The University of Manchester has reversed a controversial decision to fence off halls of residence after student protests.
The U-turn comes less than 24 hours after barriers were erected around accommodation blocks and green spaces on the Fallowfield campus.
Students had vocally aired anger over not being warned in advance and raised concerns about about mental wellbeing, with around 1,000 people reportedly attending a protest at 8pm this evening which saw many of the fences displaced.
An hour later, a statement was released by UoM President and Vice-Chancellor Professor Dame Nancy Rothwell apologising for the decision.
The statement read: “I sincerely apologise for the concern and distress caused by the erecting of a fence around our Fallowfield Halls of Residence today.
“This was not our intention – in fact quite the reverse.
“The fencing was intended as a response to a number of concerns received over recent weeks from staff and students on this site about safety and security; particularly about access by people who are not residents.
“There was never any intent to prevent students from entering or exiting the site.
“The fences are being taken down from Friday morning and students are being contacted immediately. Alternative security measures, including additional security patrols are being put in place.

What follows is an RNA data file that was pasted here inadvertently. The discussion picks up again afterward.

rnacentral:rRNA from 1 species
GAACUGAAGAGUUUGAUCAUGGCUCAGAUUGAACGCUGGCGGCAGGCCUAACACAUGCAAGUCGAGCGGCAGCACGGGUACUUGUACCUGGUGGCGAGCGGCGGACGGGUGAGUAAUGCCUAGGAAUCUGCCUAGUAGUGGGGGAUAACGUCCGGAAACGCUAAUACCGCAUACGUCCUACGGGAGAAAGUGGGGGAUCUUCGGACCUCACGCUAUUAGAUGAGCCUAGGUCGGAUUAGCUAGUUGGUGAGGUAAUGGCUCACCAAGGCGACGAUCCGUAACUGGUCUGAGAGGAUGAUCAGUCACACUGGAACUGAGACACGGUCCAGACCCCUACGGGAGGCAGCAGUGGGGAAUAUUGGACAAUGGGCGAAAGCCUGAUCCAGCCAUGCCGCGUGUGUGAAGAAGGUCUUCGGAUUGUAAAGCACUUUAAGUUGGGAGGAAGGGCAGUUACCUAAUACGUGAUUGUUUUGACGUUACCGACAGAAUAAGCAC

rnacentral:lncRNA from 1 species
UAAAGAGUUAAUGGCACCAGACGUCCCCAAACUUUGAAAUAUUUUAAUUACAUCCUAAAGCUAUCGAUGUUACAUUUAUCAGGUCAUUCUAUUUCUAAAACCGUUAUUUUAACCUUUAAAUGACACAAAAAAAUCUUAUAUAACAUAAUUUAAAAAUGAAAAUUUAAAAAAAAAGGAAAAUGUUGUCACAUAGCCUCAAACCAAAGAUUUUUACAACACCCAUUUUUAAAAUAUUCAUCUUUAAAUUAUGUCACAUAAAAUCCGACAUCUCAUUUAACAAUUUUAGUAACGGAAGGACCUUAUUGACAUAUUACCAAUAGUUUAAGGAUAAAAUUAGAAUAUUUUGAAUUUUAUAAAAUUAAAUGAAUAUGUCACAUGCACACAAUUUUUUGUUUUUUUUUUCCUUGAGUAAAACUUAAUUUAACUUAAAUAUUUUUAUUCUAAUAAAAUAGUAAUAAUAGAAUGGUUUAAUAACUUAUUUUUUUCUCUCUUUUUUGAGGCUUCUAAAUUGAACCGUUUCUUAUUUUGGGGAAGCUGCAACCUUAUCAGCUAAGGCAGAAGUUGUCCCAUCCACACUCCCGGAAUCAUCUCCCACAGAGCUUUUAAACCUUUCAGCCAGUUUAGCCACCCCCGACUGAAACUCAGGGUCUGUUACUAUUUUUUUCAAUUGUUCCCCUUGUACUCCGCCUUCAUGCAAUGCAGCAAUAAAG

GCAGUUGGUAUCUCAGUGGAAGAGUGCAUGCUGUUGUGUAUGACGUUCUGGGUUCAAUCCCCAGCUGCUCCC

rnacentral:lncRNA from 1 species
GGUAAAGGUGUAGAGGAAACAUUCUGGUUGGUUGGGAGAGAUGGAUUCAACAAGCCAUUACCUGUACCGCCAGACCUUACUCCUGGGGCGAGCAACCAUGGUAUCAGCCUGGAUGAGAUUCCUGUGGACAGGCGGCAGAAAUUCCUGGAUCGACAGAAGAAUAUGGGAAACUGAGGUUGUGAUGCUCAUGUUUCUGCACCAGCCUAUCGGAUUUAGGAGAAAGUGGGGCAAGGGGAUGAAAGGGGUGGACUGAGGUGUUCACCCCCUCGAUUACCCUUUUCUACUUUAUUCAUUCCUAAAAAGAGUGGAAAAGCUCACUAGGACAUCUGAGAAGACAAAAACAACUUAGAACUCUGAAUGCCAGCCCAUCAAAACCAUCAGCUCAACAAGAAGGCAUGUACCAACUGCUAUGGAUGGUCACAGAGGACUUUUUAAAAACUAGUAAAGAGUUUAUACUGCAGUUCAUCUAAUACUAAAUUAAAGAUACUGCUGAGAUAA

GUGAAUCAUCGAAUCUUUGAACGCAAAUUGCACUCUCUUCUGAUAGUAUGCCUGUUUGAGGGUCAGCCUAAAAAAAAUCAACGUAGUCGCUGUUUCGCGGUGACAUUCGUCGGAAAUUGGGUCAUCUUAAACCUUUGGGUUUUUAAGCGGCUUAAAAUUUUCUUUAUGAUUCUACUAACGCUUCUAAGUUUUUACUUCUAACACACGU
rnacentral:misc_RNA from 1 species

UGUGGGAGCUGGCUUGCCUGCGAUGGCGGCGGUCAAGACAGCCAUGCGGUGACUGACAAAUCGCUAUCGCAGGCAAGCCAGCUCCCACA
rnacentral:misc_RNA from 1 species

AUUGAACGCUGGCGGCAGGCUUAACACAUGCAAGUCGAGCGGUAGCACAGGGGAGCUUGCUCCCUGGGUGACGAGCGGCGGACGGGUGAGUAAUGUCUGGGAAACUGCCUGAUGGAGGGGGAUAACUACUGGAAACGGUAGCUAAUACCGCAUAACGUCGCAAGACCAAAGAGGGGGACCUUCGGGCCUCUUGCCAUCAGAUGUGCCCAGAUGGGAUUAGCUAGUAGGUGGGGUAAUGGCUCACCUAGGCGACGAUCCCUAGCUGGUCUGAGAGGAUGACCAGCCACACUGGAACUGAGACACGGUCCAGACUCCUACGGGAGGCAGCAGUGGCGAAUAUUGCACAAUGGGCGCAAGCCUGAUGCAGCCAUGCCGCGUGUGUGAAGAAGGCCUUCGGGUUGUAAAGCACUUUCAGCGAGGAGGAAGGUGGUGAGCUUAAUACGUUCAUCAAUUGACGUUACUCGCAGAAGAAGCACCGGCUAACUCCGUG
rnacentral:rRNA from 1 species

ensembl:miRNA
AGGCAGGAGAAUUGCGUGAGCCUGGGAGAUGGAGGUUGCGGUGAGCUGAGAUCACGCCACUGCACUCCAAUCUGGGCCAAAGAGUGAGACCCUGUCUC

“I apologise once again for the issues caused by this incident.”
Residents had dubbed the campus “HMP Fallowfield” in response to the move, which came on the same day as an inquest began into the death of UoM student Finn Kitson.
Mr Kitson was found dead in his halls of residence on Fallowfield campus on October 8.
One student, who wished to remain anonymous, was heavily critical of the “poorly executed decision, which they described as being locked in “like animals.”
They said: “It’s shameful, they made a huge decision on a whim and didn’t tell one student about it.
“Yet 10 minutes or so after the protests and the social media uproar they suddenly claim they’ll remove them tomorrow and that was never their intention.
“You ID people and check they’re a student; you don’t lock people in like animals.”
The UoM had previously said that the move had been planned prior to the new lockdown, which came into effect today.
Manchester has been dealing with some of the highest coronavirus case rates in the country.
By Callum Parke
All pictures were taken by our anonymous source.